The ‘Eco’ Spa: A Guide to Hot Tub Energy Efficiency

Published on 19 May 2020

Category : Wellness

While dreaming of evenings of relaxing in your backyard while warm water soothes your sore muscles, perhaps it’s also time to think about finding the best hot tub for your budget.

A ‘Green’ Hot Tub: Rumor or Reality? 

For many people, the initial hot tub cost seems reasonable, but they worry about the electric bills to follow. However, you may be surprised to learn that today’s energy efficient hot tubs actually cost very little to run. Here are some factors to consider when shopping for energy-efficient hot tubs.

Insulation 

Insulation is the most important factor for the energy-efficiency of a hot tub. Insulation creates a barrier between the shell’s surface and the ambient temperature outside. This thermal blockade helps maintain water temperature and allows the heater and pumps to run more efficiently.

Hot tubs range widely in cost and quality of materials, including the amount of insulation installed. Some lower-end models may have no insulation at all. Moving up in quality, partial foam insulation is placed between the hot tub and cabinet. While this option is better than no insulation at all, it is not the ideal choice because partial foam leaves gaps that allow heat to escape.

Full foam insulation is the best at maximizing energy efficiency. Foam is sprayed to fill the interior of the cabinet, providing structural support and using half the energy of a partial foam insulated tub. The downside to a fully insulated tub reveals itself when hot tub repairs are needed. The density of insulation makes hot tub equipment more difficult to access.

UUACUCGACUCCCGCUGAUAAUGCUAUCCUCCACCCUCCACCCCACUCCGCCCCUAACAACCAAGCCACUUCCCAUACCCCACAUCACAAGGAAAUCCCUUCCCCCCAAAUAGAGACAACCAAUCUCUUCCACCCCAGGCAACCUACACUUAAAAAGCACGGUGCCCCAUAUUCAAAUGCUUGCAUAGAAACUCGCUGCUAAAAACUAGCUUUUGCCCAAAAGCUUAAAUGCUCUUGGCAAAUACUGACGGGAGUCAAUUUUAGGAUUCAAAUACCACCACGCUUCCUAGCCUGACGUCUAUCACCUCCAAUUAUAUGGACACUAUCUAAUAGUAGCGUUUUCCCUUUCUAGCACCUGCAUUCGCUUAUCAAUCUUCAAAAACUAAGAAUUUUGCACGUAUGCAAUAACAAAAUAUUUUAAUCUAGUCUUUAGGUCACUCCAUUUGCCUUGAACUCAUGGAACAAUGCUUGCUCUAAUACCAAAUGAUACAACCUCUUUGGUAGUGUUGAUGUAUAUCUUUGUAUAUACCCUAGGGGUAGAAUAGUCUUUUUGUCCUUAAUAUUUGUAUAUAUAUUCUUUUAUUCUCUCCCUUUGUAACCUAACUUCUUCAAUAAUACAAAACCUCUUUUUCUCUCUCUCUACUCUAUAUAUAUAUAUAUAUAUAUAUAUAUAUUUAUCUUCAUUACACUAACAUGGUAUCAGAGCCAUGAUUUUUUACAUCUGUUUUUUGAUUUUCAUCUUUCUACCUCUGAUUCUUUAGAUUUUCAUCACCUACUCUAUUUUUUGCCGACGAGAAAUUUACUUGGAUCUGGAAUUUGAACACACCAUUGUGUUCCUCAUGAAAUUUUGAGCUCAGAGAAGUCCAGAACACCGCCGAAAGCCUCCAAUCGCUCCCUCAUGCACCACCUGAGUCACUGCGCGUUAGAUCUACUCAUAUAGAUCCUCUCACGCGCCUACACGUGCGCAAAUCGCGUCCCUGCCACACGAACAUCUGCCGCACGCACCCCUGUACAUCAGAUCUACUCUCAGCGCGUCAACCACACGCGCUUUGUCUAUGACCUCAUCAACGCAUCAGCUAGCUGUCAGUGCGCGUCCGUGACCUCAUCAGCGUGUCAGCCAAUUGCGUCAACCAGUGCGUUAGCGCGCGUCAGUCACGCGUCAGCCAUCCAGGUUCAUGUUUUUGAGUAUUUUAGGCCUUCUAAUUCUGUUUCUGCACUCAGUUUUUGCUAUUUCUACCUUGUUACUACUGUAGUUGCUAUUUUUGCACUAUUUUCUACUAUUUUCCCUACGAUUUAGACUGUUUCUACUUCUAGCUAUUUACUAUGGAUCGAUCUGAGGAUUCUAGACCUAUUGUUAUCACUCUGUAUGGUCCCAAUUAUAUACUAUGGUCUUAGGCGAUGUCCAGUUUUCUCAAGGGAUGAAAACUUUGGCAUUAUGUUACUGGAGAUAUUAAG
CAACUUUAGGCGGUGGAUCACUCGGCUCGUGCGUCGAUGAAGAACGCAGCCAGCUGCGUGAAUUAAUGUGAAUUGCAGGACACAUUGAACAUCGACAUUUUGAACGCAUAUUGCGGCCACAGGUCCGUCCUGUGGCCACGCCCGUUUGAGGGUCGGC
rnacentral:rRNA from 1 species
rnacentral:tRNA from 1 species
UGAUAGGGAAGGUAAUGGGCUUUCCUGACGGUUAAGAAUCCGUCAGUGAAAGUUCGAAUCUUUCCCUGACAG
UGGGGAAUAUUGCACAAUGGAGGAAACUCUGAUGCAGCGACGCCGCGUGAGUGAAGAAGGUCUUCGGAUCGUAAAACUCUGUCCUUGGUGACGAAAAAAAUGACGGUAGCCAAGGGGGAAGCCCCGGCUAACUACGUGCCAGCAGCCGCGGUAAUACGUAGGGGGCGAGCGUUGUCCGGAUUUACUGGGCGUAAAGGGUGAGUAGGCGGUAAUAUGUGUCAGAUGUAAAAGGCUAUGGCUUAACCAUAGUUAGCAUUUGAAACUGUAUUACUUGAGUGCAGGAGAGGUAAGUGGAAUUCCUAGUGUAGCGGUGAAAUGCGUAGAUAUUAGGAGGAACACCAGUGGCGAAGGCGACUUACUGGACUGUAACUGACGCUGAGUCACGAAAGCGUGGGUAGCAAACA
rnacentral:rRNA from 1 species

You can upgrade either insulation option by installing an affordable eco-friendly blanket or thermal wrap against the inside of your hot tub cabinet. These energy-saving blankets are often made of thin layers of air-bubble lined plastic that can be trimmed to fit your hot tub. The blanket provides weather resistance, can prevent cold winter air from blowing in, and prevents heat from escaping. Expect to pay more for well insulated tubs, but enjoy energy savings on each electric bill. 

Heat Retaining Covers 

A cover helps the overall efficiency of a hot tub by cutting down on heat loss (remember, as science class teaches, heat rises). Even a hot tub surrounded by thick insulation will lose heat quickly if left uncovered. The best covers consist of dense foam wrapped with a waterproof layer, lined with a heat reflecting material, and covered by marine-grade vinyl or fabric.

In a cold climate, aim for a two-pound foam cover. While hot tubs in warmer climates might not experience the same level of heat loss as hot tubs in cold climates, covering the tub with an insulated topper still works to improve energy efficiency. Cover experts say the more layers of insulation, the better. For added insulation, float a thermal cover on the surface beneath the hot tub cover.

Covering your hot tub also provides an important safety function, keeping curious children or animals out of the water. The cover reduces maintenance as well, keeping debris and rain/snow out of your hot tub. For safety and cleanliness, as well as hot tub energy efficiency, make sure that your hot tub cover is in good condition and fits snugly on all corners of the tub. 

Heater and Pumps 

Having a well-maintained heater and pumps contributes to the overall enjoyment of a hot tub. Toasty water and jets provide a soothing massage. But this only happens when the heater and pumps are working properly. Maximizing a pump’s performance and endurance is an important step towards optimal energy consumption in your hot tub.

Other ways to improve heater and pump efficiency include installing a small recirculation pump that continually filters water, allowing the larger pumps to stay off until needed, and turning off all blowers when you exit the tub.